04 Jun How to make a new town love you
When the Rollings Stones played the Halifax Commons in September, 2006, Mick Jagger impressed the crowd by using the term “Haligonian,” and even pronouncing “Newfoundland” correctly. Forty years into his career, the rock superstar still had the professionalism to get every local concert detail exactly right.
I have never seen an effort to sprinkle a touring show with meaningful local references to match what Old Crow Medicine Show frontman Ketch Secor displayed last night at the Nashville-based, alt-bluegrass band’s Membertou show in Sydney.
“It’s intimidating to play the violin in a city that has a 60-foot-high statue of one,” Secor told the crowd. “You see the cop on the corner and you wonder, ‘Does he play the fiddle?’ You get talking with the crossing guard and ask, ‘Do you play the fiddle?’ What about the guy painting lines down the middle of the street, does he play?”
“Then you start to wonder, “Do I play the fiddle… well enough?”
(He does. Secor’s pyrotechnic style is a cross between Ashley MacIsaac and the Leahy Family Band.)
Early in the show, Secor described an obviously fictitious drive he claimed to have taken through rural Cape Breton, throwing in half a dozen local place names.
“You got hillbillies up here?” he asked. “Where do they live? Victoria County? Well here’s a song for all the hillbillies out in Victoria County.”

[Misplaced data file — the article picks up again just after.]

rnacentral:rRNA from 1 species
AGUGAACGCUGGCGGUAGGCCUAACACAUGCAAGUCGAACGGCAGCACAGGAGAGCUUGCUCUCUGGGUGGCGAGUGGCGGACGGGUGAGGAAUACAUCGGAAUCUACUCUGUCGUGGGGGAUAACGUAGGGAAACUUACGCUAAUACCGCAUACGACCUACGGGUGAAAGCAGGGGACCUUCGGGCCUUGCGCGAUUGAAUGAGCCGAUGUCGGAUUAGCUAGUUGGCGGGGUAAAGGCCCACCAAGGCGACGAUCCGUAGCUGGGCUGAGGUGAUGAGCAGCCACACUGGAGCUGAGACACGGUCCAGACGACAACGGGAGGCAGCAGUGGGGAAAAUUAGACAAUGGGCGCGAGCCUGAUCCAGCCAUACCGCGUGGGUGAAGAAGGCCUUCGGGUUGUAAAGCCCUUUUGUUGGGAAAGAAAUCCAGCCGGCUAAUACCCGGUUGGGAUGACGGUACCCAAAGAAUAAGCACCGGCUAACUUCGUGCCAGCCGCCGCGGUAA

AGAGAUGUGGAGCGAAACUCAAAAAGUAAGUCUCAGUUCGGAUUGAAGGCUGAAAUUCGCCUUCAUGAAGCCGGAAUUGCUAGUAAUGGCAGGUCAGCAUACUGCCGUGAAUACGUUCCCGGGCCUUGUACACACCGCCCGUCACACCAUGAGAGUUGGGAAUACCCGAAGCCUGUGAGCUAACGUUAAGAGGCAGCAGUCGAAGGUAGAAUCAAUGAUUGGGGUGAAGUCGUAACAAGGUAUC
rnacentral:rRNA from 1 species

In introducing the George Jones song, “Tennessee Whiskey,” Secor illustrated the Texas crooner’s universal appeal by noting that Scooter Jim, a fixture of downtown Sydney’s streetscape, had been humming a Jones tune earlier that afternoon.
Advance work can’t give you these little telling details. You can only get them by taking the trouble to walk around the city and chat up everyone you meet.
Toward the end of the show, the band played a song with the same verse structure as “We are an Island,” and before you knew it, they had inserted the chorus — words all correct, air slightly askew — into their own song.
We are an island, a rock in the stream
We are a people, as proud as there’s been
In soft summer breeze or in wild winter wind
Home of our hearts, Cape Breton
The crowd, naturally, went berserk, as the refrain repised half a dozen times.
As in Halifax, a series of encore tunes ended with a letter-perfect a capella rendition of “Barrett’s Privateers.”
Attention young musicians: Want to make an impression on the road? Take a few notes from Old Crow’s fakebook.